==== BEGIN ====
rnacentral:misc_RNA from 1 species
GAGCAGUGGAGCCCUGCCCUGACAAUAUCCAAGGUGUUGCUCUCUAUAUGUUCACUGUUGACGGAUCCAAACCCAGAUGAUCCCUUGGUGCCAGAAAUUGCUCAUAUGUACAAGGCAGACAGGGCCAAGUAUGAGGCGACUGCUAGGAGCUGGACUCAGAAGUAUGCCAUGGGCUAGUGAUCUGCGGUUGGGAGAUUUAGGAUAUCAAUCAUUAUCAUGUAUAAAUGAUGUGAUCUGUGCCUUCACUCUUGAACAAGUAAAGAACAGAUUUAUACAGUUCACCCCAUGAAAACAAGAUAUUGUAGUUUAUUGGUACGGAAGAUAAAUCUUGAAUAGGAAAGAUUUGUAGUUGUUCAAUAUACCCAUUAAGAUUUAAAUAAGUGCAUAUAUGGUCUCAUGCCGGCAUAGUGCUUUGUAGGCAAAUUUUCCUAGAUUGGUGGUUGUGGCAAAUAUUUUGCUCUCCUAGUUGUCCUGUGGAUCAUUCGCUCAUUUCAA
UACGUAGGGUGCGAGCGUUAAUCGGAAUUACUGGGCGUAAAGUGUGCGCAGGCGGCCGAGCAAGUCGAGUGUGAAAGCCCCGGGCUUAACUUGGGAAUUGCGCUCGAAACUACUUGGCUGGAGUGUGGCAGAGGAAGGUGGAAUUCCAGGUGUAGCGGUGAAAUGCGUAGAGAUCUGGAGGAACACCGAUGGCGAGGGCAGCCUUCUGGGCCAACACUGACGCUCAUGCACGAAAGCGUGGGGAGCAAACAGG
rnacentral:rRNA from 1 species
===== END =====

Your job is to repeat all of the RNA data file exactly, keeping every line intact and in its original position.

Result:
rnacentral:misc_RNA from 1 species
GAGCAGUGGAGCCCUGCCCUGACAAUAUCCAAGGUGUUGCUCUCUAUAUGUUCACUGUUGACGGAUCCAAACCCAGAUGAUCCCUUGGUGCCAGAAAUUGCUCAUAUGUACAAGGCAGACAGGGCCAAGUAUGAGGCGACUGCUAGGAGCUGGACUCAGAAGUAUGCCAUGGGCUAGUGAUCUGCGGUUGGGAGAUUUAGGAUAUCAAUCAUUAUCAUGUAUAAAUGAUGUGAUCUGUGCCUUCACUCUUGAACAAGUAAAGAACAGAUUUAUACAGUUCACCCCAUGAAAACAAGAUAUUGUAGUUUAUUGGUACGGAAGAUAAAUCUUGAAUAGGAAAGAUUUGUAGUUGUUCAAUAUACCCAUUAAGAUUUAAAUAAGUGCAUAUAUGGUCUCAUGCCGGCAUAGUGCUUUGUAGGCAAAUUUUCCUAGAUUGGUGGUUGUGGCAAAUAUUUUGCUCUCCUAGUUGUCCUGUGGAUCAUUCGCUCAUUUCAA
UACGUAGGGUGCGAGCGUUAAUCGGAAUUACUGGGCGUAAAGUGUGCGCAGGCGGCCGAGCAAGUCGAGUGUGAAAGCCCCGGGCUUAACUUGGGAAUUGCGCUCGAAACUACUUGGCUGGAGUGUGGCAGAGGAAGGUGGAAUUCCAGGUGUAGCGGUGAAAUGCGUAGAGAUCUGGAGGAACACCGAUGGCGAGGGCAGCCUUCUGGGCCAACACUGACGCUCAUGCACGAAAGCGUGGGGAGCAAACAGG
rnacentral:rRNA from 1 species